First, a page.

A drizzly, slow day today (well, slow by foxhunter standards, anyway), with about 30-40 people riding in one field. The only jumping and cantering we did was trying to get the horses past bees in the woods…had to go up and down that trail three times. Of course the hunt staff didn’t get the bees since they were in front…they just stirred them up for us to ride through!
Windsor got stung a little bit the first time but the second and third time through, we were just enjoying galloping through the woods. He may be a draft cross but he does have plenty of “go.” Too bad I don’t think anyone else enjoyed it! On the ride back people seemed a little grumpy that we had to go through that area so many times. Oh well…no permanent damage done, and that is the advantage of riding a gray horse–bugs are not as attracted to them.
|Windsor is all dressed up and ready to roll at 7am!|
I think we drew three or four coverts and hounds found twice. The first fox was put to ground (well, put in a hole in a tree–one of the Masters took a picture of it) and the second (maybe the same one, not sure) caused about an equal amount of hound music but I’m not exactly sure what the story was there. I was pleased that when the hounds put the first fox to ground I predicted that we would have to reverse for the staff to get back in front. Slowly but surely I’m figuring out the terrain and how the game is played. Also did much better at not riding up too close to people–Windsor was very relaxed today, except when his pasturemate left him and he wanted to follow. Can’t really blame him for that. And there was plenty of gas left in the tank at the end of the day so I was glad he was feeling good. Overall, a very positive experience where I felt very confident–I knew the horse, I knew the place, and I knew a fair amount of the people so it was a recipe for success.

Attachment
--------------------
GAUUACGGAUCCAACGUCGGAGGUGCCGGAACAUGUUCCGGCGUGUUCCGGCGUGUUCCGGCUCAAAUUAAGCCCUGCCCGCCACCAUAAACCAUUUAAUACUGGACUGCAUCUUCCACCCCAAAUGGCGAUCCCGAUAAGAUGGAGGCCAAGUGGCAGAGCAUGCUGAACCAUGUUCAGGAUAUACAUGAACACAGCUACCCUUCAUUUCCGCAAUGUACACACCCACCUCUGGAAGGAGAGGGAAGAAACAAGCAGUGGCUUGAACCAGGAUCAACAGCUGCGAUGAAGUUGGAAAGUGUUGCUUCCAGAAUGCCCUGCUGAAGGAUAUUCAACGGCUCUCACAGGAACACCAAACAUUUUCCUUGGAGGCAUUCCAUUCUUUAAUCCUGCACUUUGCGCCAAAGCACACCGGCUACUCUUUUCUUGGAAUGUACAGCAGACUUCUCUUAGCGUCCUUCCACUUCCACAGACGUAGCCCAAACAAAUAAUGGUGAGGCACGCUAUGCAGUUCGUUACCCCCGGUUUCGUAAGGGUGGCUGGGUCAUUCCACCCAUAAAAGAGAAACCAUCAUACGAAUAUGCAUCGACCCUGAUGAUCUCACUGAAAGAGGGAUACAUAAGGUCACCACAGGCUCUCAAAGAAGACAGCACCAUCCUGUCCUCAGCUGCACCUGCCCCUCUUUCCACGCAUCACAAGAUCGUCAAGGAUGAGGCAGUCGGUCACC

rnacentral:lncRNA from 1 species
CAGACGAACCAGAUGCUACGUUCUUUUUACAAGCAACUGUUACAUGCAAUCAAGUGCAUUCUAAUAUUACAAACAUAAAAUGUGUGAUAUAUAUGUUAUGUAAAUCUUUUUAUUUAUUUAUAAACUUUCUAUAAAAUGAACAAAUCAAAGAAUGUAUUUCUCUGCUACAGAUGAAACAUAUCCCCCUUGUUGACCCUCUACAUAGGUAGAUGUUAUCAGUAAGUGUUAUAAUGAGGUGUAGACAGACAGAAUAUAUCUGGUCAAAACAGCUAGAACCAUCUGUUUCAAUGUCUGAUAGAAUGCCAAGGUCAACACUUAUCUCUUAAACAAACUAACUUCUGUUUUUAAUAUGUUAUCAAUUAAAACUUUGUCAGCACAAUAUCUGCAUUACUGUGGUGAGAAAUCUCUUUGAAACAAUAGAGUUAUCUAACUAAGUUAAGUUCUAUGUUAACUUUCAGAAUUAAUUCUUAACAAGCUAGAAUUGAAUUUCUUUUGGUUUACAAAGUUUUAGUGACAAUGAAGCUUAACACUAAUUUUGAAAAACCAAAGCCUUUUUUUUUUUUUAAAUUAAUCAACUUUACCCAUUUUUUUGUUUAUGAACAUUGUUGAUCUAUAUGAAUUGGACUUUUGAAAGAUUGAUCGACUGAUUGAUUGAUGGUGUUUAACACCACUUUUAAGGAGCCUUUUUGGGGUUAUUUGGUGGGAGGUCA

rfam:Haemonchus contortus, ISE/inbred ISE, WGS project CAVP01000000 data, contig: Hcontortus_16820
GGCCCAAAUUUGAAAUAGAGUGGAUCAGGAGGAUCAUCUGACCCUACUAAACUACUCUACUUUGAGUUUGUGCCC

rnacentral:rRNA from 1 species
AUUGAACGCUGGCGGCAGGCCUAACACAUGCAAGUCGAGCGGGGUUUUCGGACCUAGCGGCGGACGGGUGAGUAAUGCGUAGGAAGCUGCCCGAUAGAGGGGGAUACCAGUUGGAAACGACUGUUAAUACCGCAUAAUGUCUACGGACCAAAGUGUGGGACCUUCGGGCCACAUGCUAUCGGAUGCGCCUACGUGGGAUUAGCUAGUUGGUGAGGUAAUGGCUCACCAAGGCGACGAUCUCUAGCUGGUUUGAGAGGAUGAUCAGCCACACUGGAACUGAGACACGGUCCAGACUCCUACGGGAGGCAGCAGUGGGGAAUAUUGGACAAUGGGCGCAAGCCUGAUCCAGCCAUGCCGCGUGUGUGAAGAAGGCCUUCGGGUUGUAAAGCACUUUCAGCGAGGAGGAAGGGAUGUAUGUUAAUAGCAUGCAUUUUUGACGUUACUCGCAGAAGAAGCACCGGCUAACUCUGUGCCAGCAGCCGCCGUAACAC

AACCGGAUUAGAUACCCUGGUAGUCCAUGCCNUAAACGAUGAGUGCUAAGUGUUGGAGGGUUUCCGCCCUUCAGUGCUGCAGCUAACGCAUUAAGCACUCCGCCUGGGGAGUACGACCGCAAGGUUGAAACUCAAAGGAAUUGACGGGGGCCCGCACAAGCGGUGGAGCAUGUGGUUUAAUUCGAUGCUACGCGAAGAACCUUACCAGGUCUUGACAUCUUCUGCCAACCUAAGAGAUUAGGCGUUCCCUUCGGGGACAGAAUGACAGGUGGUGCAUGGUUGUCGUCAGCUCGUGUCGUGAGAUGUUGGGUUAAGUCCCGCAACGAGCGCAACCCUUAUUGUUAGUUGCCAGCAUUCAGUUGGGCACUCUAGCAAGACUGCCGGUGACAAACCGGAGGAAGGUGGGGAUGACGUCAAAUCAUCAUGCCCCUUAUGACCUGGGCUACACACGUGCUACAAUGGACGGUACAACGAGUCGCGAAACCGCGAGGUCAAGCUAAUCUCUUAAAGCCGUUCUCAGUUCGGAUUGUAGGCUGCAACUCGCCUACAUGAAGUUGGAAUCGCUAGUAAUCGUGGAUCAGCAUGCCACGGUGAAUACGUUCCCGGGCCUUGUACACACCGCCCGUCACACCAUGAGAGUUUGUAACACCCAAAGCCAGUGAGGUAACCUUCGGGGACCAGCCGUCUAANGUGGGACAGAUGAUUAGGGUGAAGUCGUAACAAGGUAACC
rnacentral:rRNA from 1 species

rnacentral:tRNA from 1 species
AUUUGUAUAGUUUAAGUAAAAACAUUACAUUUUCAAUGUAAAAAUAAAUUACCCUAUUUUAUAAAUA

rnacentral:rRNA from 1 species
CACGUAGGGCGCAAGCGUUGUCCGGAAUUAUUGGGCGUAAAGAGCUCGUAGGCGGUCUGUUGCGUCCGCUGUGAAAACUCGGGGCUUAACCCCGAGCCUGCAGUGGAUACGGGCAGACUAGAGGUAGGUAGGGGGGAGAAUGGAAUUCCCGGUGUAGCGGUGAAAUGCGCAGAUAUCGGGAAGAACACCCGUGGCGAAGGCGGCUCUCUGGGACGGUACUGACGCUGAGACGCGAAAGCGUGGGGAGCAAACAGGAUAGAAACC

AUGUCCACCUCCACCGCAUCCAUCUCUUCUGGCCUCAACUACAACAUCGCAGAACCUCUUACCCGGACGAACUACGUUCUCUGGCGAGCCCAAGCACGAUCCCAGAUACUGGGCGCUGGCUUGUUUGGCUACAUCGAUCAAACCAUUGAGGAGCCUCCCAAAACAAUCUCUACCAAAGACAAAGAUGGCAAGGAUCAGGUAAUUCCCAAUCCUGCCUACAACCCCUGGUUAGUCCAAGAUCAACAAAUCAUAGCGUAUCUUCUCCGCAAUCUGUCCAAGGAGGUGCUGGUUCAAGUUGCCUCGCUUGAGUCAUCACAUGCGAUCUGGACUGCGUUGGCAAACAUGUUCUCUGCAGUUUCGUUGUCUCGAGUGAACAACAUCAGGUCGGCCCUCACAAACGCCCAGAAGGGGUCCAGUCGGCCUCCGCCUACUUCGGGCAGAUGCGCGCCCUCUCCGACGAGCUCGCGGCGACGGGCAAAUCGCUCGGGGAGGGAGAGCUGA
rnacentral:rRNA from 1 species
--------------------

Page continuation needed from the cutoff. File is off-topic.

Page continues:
Speaking of recipes, after the hunt (around 10:30) we had an amazing breakfast. I felt bad for not having time last night to make the oatmeal muffins everyone seems to like, but there was PLENTY to eat–lox and bagels, cake, sandwich fixings, fruit, etc. And of course some “medicinal” refreshments. I have studying to do so I stuck to coffee today!
|Made this for Windsor’s owner to thank her for letting me ride him. She really likes it! (Though she said it’s wishful thinking that her horses would hunt in a snaffle, ha.)|
And, some exciting opportunities: After a year of trying to find a horse I could hunt, now that I’ve actually started doing it, I’m finding people are offering me more horses than I could possibly have time for. It’s nice that I can be a little bit choosy now and not have to be a crash test dummy! Not that any of the horses I’ve ridden have been bad–I just don’t want to have to worry about the horse while I’m new to hunting. From talking to someone about volunteering at one of the hunt events, I may have the prospect of some quiet lesson horses I could ride.
And a friend knows a professional photographer who wants to practice some action shots of horses jumping. He’ll give us the photos free and there are plenty of great coops around where this friend boards, so I told her to sign me up!